2008 Diesel Jeep Grand Cherokee Review
Is this the Jeep of the Future?
Pros: Torque, torque and more torque.
Cons: Some squeaks and rattles. Steep diesel prices.
In Europe, the small diesel engine is king. Known for their excellent gas mileage and reliability, the micro diesels are perfect in a region where gas prices are sky high. They are found in everything from tiny trucks to luxury cars. However, on this side of the pond, diesel engines are associated with big, heavy-duty trucks. As such, they still carry the stigma of being noisy gas hogs and belchers of black smoke, but Jeep hopes to change all that with the introduction of the new diesel-powered Grand Cherokee.
Under the hood is a 3.0-liter common rail turbo diesel engine that produces 215 horsepower at 3,800 rpm along with a healthy 376 lb-ft of torque. Only the HEMI 5.7-liter engine, which is also available as an option in the GC, comes close to the diesel with 375 lb-ft of torque. However the major difference is that the diesel has an incredibly flat torque curve with all of its peak torque available from 1,600-2,800 rpm. While the HEMI comes close in overall peak torque, its curve is nowhere as flat making the little 3.0-liter diesel a naughty little torque monster.
Fire up the little diesel and it is easy to see that it is a far cry from your neighbor’s Cummins 12V that wakes you up every morning. At idle, the loud clatter typically associated with many diesels is simply not present. It’s easy to tell the Grand Cherokee is indeed powered by a diesel mill but it produces more of a murmur than a cacophony of noise. That same trend continues when under way in the Jeep. Under most conditions the diesel is near silent. Even at freeway speeds it only produces a slight growl that is no more audible than a gas engine. Only under hard acceleration is the diesel noticeable.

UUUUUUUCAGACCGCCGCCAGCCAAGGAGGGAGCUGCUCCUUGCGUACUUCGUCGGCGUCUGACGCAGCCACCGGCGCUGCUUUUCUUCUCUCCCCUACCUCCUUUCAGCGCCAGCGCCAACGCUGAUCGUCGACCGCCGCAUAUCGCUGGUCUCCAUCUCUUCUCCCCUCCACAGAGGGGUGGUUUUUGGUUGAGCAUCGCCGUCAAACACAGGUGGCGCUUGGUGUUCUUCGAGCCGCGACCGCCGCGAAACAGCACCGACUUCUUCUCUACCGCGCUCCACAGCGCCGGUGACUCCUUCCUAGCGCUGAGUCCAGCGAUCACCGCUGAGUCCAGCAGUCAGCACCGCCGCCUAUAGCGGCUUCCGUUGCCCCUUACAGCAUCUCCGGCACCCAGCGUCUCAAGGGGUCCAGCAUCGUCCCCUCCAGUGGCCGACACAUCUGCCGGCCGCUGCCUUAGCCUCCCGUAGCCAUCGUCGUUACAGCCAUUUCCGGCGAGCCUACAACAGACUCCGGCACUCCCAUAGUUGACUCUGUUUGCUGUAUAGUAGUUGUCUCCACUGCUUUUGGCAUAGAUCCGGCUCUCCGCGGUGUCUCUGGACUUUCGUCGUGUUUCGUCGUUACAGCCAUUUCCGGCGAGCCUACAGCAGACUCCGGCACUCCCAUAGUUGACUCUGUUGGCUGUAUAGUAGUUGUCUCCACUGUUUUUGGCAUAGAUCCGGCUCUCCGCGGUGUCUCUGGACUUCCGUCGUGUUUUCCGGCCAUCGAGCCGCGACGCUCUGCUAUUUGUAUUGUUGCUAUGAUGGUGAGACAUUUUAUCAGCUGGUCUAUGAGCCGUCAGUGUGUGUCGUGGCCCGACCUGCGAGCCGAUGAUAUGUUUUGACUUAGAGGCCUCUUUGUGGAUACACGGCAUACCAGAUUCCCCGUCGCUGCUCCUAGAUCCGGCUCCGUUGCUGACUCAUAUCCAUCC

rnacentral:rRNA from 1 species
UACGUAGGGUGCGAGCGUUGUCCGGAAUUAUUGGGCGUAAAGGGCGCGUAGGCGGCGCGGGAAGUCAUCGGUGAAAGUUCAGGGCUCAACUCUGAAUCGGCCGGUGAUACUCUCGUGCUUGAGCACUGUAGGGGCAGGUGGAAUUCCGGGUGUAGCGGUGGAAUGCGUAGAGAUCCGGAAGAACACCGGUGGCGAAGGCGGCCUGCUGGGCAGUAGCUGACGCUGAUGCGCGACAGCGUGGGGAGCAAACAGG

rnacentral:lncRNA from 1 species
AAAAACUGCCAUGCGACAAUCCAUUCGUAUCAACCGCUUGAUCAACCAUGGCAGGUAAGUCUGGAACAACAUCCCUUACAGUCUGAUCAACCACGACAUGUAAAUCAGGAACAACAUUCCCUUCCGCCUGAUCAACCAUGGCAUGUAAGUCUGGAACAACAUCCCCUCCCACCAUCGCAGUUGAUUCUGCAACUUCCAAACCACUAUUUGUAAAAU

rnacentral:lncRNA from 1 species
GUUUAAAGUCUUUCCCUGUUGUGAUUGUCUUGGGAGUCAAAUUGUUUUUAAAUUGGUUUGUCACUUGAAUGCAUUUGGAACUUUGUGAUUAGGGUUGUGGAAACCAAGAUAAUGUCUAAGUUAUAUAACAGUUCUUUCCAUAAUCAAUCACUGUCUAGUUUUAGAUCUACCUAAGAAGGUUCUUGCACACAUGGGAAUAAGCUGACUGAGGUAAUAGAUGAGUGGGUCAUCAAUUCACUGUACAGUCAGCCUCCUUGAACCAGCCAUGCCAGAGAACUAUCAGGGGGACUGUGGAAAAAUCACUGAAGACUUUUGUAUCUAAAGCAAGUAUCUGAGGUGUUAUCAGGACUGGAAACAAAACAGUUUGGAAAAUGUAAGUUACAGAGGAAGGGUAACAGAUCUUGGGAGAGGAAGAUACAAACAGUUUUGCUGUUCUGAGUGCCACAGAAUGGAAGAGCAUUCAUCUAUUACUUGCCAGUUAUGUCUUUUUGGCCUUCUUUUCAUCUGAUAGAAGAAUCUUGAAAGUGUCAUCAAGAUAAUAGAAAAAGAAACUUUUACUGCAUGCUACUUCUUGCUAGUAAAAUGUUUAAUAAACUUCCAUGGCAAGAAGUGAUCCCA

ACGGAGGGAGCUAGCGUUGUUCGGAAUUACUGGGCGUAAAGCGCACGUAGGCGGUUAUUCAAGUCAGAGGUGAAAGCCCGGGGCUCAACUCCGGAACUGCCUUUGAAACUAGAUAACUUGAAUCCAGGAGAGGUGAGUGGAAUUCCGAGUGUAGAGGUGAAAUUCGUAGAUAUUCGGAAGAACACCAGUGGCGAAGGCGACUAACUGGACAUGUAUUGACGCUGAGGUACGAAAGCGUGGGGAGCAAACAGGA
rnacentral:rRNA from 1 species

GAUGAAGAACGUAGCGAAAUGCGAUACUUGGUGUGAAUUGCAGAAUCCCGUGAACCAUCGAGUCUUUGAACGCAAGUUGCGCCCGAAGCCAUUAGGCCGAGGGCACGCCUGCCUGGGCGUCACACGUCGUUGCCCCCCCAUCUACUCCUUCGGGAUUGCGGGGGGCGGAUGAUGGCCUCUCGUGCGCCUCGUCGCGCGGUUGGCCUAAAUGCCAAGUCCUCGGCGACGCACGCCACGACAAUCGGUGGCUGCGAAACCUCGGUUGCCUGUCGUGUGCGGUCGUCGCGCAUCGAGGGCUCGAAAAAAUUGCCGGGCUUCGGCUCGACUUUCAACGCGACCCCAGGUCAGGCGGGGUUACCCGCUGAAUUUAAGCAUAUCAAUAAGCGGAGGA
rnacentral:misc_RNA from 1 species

Besides its quiet demeanor, there was also none of the smell that is sometimes produced by diesels. No sulfur odors or diesel smell are present and the 3.0-liter also doesn’t emit a trace of smoke even under full acceleration. Like one of your kid’s few nice friends, it is quiet, clean and well-behaved.
This is max flex for the Grand Cherokee. While the rear stuffs nicely there is not much movement in the front making lifting tires on the trail a common happening.
However, Jeep’s little baby-diesel also packs quite a punch. With such a prodigious amount of torque available just off idle, the Jeep Grand Cherokee diesel is a blast to drive. Simply depress the throttle and the GC goes – and goes hard. We found ourselves giving squirts of throttle to zip our way through traffic and onto the freeway. Acceleration is strong and felt on par if not better than the Grand Cherokee’s V-8 offerings. We absolutely love the power and found every excuse possible to mash the throttle to the floor. The diesel also gives the Grand Cherokee a healthy 7,400 lb tow-rating and is only a $1,600 option making it much cheaper than all of the truck diesel options.
Resting just behind the diesel is the W5J400 five-speed automatic transmission that does an excellent job. Usually transmissions can be somewhat challenged by the very the narrow RPM range of a diesel, but this one is always in the right gear. Downshifts and upshifts are timed perfectly. The transmission also features Electronic Range Select to allow the driver to manually select each gear as well. We rarely used it as the transmission does a great job on its own.
The interior is nicely appointed, quiet and very comfortable but our test unit did emit some annoying rattles from some of the interior panels.